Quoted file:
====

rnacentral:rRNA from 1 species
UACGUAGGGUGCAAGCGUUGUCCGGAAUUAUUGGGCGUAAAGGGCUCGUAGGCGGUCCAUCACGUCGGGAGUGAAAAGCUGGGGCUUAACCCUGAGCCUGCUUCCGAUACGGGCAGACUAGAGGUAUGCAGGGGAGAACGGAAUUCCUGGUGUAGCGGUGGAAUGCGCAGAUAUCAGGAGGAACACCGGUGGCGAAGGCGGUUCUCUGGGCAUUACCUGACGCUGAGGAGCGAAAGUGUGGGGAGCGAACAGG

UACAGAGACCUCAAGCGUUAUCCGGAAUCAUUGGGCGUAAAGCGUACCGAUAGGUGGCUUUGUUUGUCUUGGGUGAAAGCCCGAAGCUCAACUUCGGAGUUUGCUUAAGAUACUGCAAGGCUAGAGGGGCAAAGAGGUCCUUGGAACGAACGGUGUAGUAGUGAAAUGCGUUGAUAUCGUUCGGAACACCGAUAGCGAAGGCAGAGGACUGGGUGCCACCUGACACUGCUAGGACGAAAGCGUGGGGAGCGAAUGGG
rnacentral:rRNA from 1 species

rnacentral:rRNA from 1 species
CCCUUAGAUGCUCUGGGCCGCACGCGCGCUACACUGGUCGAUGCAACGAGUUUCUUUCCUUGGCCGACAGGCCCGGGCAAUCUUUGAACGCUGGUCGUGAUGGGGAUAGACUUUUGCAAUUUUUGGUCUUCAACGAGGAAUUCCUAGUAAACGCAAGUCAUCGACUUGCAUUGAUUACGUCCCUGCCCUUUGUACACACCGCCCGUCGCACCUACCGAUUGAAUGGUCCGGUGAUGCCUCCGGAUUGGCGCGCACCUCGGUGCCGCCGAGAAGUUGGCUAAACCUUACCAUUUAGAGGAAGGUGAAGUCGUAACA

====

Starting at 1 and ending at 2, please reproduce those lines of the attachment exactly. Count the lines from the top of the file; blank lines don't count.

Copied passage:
rnacentral:rRNA from 1 species
UACGUAGGGUGCAAGCGUUGUCCGGAAUUAUUGGGCGUAAAGGGCUCGUAGGCGGUCCAUCACGUCGGGAGUGAAAAGCUGGGGCUUAACCCUGAGCCUGCUUCCGAUACGGGCAGACUAGAGGUAUGCAGGGGAGAACGGAAUUCCUGGUGUAGCGGUGGAAUGCGCAGAUAUCAGGAGGAACACCGGUGGCGAAGGCGGUUCUCUGGGCAUUACCUGACGCUGAGGAGCGAAAGUGUGGGGAGCGAACAGG